My earliest memory of him was when he asked, “Wade, what’s that updock on your back?”
“What’s up doc,” I replied innocently. That joke delighted everyone but me. You see, I had buck teeth back then and used to imitate Bugs Bunny with that phrase. But when people seemed to be laughing at me, not with me, I stopped. Classic Uncle Pete, so clever and funny!
He was always Uncle Pete to my brother Bill and me and also to my two boys, Wade and Ward. We adored and respected him, and not only because he was the single most entertaining, funny guy we ever knew.
God put him on this earth to tickle people’s funny bones, and he was very faithful to that calling, even when he couldn’t attract an audience. I remember him wearing that costume of the guy he invented named Father Pitt or Penn or such. It was so clever, but sadly, folks just didn’t get it.
It was also because he was such an engaging romantic and lover. I’ll never forget the look of urgency on his face when he ran around Niagara Falls on a mission of love. We ran with him, searching for a letter he had written and hidden there years before. Why was it so romantic! He wrote it to the love of his life years before he ever met and fell in love with Maria. A rock slide buried that letter, but never the passion that drove him to show authentic love to many around him—so like his mama, my Grandma, who showed us such unconditional love when we needed it most.
Funny thing about love. It’s not really a single thing, but, like the rainbow, has many colors and dimensions. Uncle Pete explored most of them, whether it was with his nephews, his students, his family of origin, with the family he and Maria built together or, later in his life, with Jesus.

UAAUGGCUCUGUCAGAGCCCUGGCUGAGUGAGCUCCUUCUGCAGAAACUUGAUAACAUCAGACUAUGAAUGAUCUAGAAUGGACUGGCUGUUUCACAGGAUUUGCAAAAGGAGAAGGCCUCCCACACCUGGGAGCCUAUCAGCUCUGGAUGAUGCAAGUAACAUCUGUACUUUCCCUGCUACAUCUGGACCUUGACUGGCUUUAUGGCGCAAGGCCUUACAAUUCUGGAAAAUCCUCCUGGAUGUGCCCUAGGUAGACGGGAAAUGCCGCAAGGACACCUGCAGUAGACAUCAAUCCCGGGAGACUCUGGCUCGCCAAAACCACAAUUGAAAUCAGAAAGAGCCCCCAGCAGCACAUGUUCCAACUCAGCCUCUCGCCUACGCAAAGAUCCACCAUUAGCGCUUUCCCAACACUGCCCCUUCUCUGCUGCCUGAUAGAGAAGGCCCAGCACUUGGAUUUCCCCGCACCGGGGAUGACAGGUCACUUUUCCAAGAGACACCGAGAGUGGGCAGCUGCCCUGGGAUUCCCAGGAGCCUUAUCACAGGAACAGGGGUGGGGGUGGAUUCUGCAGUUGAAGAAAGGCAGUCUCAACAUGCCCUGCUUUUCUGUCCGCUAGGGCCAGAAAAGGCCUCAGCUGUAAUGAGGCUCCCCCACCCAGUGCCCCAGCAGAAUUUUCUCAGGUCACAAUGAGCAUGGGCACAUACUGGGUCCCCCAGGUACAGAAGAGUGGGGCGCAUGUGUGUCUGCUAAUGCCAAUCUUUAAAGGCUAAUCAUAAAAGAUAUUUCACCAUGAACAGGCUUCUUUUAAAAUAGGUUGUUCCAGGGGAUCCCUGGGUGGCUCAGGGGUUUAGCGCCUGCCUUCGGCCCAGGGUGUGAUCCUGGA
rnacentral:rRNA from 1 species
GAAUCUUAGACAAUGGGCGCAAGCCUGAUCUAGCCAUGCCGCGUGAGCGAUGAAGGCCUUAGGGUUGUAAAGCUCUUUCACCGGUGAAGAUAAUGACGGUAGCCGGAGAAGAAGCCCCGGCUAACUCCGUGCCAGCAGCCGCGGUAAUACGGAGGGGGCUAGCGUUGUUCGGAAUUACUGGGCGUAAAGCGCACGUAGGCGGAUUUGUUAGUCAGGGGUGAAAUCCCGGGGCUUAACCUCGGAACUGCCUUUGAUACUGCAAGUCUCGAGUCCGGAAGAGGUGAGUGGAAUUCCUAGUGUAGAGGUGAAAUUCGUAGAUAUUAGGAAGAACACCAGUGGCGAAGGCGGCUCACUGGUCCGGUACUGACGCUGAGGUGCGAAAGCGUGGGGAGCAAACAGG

Have you ever felt very close to someone because they loved someone you also loved? When Uncle Pete and Maria became personally acquainted with Jesus, I felt our relationship took a quantum leap forward. Did he have failures in that relationship as with others? He must have. Haven’t we all? Even St. Peter failed the Lord. Didn’t he deny him three times? Yet the Lord forgave and used him still. I remember how crushed Uncle Pete was when I failed the Lord. I’m not sure he ever got over that.
But now we can rejoice that il professore, Peter Iole, is done with the troubles of the world. I wonder if he isn’t still doing his thing, entertaining and tickling funny bones of that great audience above—the Father, Son and Holy Ghost and all the saints who have marched into glory with him.
“Oh, Lord, I want to be in that number.” Amen
So, if you’ll pardon the expression, “knock ‘em dead,” Uncle Pete and thank you. You made us laugh. You shared our joys and sorrows. You taught us some very important things about love.